Can WormsIt seems that in the absence of anything meaningful to offer the populace, and despite being given a kicking of the first order at the polls, Scottish Labour has decided that it’s groundhog day.

Carping, sniping, empty posturing. That’s what the people rejected, so we’ll give them more of the same.

How else do you explain the shitstorm its elected representatives have been trying to generate in the last few weeks? First, with tongue firmly not in its cheek, it demanded to know just how close the SNP and Alex Salmond had got to Rupert Murdoch and his News International empire in Scotland. In an extremely linear approach which would keep no person out of jail, Paul Martin determined that because the Scottish Sun had supported the SNP in the last election, ergo this was damning evidence of the SNP being in Murdoch’s pockets.

So the Scottish Government duly publishes a full list not only of First Ministerial contacts with the media since 2007 but those of key Cabinet members AND copies of correspondence between Eck and Rupe. The latter ain’t pretty and caused many toes to curl in discomfort. Yes, the First Minister might have been really, really trying to portray himself as the global media mogul’s equal and really, really trying to persuade Murdoch to become a Caledonian champion. But frankly if there had been anything to hide, the goverment would have hidden it.

But like much of its interventions in the last year, Labour might well have scored an own goal. Disclosure of Labour leaders’ contacts with the media has been asked for and… we’re still waiting. Oh why are we waiting? What’s so hard about pulling together a list of all the meetings, lunches, receptions, letters etc exchanged between the Scottish Labour leadership – Iain Gray, Wendy Alexander in opposition and Jack McConnell and Henry McLeish during their time as First Minister – and Scottish media representatives? The longer they take, the worse it looks, even if there is nothing untoward at all. But they started it.

But the real can of worms opened up by Scottish Labour recently involves the insinuation that the SNP Government offered Brian Souter honours for political donations. They haven’t actually come out and said it, but the inference is of cash for honours on our ain doorstep. Siller for hallions no less.

A whole webpage has been set up over at Scottish Labour’s website – the Souter files, powered exclusively with righteous indignation, over-wrought hyperbole, and rank hypocrisy and inaccuracy. Cathy Jamieson MP suggests that “The First Minister and his party must look seriously at the relationship they have developed with wealthy individuals handing them large sums of cash. The public will rightly be asking what’s next on Mr Souter’s shopping list and waiting for the First Minister to deliver.”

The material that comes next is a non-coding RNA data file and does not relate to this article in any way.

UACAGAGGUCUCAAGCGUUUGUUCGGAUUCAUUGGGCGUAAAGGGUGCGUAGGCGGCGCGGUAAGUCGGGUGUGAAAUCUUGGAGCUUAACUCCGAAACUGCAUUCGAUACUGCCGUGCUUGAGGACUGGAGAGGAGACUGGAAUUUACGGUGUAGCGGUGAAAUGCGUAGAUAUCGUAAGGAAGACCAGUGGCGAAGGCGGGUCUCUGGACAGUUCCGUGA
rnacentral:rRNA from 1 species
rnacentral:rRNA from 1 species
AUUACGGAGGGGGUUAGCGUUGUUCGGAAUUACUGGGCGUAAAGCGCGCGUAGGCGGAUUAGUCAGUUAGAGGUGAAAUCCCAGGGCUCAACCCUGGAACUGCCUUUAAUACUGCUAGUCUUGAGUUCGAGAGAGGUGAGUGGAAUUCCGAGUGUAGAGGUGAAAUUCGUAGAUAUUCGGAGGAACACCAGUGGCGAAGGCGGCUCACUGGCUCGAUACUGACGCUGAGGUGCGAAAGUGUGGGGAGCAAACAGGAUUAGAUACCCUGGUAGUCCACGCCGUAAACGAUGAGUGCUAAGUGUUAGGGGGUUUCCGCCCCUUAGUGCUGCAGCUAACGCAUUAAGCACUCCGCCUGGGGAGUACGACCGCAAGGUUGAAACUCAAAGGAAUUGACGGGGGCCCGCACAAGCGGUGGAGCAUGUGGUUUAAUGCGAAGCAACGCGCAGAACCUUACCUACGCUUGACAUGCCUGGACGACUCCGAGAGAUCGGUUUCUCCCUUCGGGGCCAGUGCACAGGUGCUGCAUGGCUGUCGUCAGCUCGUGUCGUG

Individuals plural. Who exactly? Apart from Souter’s admittedly eye-watering donation in 2011, other donations to the SNP were five figure sums, the vast majority of its donations far, far lower. The SNP does not have that many supporters with deep pockets: Souter’s donation was matched by hundreds more, much smaller ones by members and supporters. The only person who out-donated Brian Souter was the late Edwin Morgan through a bequest in his will. What’s that? Nothing nasty to say about the Makar appointed by a Labour First Minister? Oh.

Apparently, Souter’s donation(s) are why the SNP has not re-regulated bus provision in Scotland. I acknowledge – it’s a policy that makes sense and it should be done. But then again, I don’t recall Labour-LibDem Scottish Executives, in power for double the time the SNP has been, rushing to re-regulate. Indeed, in four years of opposition, I don’t recall Labour making this a big issue and pushing for it to happen. How curious.

So let’s overturn the can and see what comes wriggling out. What’s this? A number of individuals – all of them wealthy, some of them longstanding Labour supporters or who have donated to the Labour party and bestowed honours while Labour was the lead partner in the Scottish Executive and Ministers were involved in nominating people for honours.

Moir Lockhead is one such, Willie Haughey is another, as is Duncan Bannatyne and Tom Hunter. All of them distinguished businessmen in their own right, who have also made huge charitable contributions during their lifetime. These are the reasons their honours were bestowed but following Scottish Labour’s current logic, all were given awards at the time they were active supporters and/or donors to the Labour party. Though historic, the worms in its can are far more juicy than the ones in the SNP’s.

Frankly, the Scottish public doesn’t give a damn. It holds all politicians and political parties in equally low esteem. Labour might think it is landing blows on the SNP but all such activity achieves is to confirm what people think of all parties, its ain included. In May the people spoke loud and clear – the SNP was the party they liked better or at least, disliked least. Given the current electoral mood, Labour will continue to come off second best if it persists in pursuing this kind of puerile politics. Making the road back to electoral credibility a whole lot harder.

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